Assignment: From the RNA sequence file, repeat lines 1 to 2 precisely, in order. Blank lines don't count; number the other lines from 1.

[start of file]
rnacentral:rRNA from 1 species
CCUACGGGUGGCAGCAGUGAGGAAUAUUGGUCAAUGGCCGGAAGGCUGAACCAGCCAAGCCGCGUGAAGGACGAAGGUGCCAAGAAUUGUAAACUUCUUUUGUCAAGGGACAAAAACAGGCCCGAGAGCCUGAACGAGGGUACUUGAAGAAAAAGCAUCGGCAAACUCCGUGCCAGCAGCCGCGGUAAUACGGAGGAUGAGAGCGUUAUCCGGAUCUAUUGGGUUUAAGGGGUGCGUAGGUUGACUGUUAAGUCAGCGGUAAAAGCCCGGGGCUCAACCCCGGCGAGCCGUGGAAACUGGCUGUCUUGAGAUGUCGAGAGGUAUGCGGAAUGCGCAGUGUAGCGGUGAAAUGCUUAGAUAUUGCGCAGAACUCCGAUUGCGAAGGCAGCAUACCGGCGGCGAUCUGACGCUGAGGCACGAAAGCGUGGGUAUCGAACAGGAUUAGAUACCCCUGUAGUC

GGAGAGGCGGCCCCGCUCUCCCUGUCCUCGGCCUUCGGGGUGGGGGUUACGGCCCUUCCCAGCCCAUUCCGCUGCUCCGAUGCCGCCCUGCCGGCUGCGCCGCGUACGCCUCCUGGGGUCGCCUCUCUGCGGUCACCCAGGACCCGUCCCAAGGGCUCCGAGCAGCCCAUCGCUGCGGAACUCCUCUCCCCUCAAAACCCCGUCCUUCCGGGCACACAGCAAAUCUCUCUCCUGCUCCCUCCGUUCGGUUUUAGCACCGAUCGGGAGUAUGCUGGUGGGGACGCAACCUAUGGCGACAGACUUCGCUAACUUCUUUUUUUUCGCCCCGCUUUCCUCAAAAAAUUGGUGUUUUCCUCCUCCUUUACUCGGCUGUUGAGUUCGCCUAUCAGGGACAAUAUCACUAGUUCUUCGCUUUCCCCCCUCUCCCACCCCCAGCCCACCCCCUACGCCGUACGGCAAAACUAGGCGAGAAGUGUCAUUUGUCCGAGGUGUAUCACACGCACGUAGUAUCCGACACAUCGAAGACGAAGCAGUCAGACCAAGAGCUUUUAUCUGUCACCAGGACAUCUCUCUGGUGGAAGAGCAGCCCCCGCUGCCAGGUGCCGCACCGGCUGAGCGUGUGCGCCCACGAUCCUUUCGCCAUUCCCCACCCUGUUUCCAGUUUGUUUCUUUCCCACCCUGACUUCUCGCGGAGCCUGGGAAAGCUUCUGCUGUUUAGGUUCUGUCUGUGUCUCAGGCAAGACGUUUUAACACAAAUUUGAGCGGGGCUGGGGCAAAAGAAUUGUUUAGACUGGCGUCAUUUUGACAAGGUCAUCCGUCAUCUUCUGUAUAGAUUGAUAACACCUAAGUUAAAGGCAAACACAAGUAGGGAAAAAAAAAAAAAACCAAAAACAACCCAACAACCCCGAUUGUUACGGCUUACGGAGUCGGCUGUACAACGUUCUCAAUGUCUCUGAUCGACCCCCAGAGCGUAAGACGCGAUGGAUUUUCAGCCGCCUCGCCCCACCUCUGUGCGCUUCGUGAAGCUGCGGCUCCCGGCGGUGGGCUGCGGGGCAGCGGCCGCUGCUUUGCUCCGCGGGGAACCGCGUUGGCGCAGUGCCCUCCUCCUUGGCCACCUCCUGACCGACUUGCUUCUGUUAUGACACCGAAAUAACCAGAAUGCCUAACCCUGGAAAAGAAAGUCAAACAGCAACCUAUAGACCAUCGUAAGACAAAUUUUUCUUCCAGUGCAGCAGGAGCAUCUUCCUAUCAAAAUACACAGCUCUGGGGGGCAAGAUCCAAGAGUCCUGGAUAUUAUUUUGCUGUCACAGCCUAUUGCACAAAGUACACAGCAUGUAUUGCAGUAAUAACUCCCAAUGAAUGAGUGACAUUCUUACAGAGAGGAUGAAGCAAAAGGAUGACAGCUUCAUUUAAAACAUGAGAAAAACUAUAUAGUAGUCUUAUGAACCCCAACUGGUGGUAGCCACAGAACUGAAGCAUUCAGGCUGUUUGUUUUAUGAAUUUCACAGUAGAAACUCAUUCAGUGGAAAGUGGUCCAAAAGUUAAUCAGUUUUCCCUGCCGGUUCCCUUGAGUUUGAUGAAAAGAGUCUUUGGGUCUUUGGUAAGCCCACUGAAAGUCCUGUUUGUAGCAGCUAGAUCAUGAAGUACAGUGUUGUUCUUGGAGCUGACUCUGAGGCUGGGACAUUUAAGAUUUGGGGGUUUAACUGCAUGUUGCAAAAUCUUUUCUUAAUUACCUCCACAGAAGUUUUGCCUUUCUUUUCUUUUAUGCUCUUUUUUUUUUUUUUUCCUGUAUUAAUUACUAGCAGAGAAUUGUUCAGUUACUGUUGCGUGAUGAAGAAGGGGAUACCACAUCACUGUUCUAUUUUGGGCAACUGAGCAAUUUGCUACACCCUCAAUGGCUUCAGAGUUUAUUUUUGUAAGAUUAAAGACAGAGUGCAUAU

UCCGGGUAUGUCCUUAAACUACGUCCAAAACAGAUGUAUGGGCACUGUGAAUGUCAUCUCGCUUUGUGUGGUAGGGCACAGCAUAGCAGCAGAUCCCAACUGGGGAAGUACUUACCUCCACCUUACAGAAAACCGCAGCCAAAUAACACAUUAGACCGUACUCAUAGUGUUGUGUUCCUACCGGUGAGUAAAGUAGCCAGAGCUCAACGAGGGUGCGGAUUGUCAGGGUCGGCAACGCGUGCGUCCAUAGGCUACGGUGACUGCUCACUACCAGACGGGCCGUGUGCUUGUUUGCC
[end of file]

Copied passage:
rnacentral:rRNA from 1 species
CCUACGGGUGGCAGCAGUGAGGAAUAUUGGUCAAUGGCCGGAAGGCUGAACCAGCCAAGCCGCGUGAAGGACGAAGGUGCCAAGAAUUGUAAACUUCUUUUGUCAAGGGACAAAAACAGGCCCGAGAGCCUGAACGAGGGUACUUGAAGAAAAAGCAUCGGCAAACUCCGUGCCAGCAGCCGCGGUAAUACGGAGGAUGAGAGCGUUAUCCGGAUCUAUUGGGUUUAAGGGGUGCGUAGGUUGACUGUUAAGUCAGCGGUAAAAGCCCGGGGCUCAACCCCGGCGAGCCGUGGAAACUGGCUGUCUUGAGAUGUCGAGAGGUAUGCGGAAUGCGCAGUGUAGCGGUGAAAUGCUUAGAUAUUGCGCAGAACUCCGAUUGCGAAGGCAGCAUACCGGCGGCGAUCUGACGCUGAGGCACGAAAGCGUGGGUAUCGAACAGGAUUAGAUACCCCUGUAGUC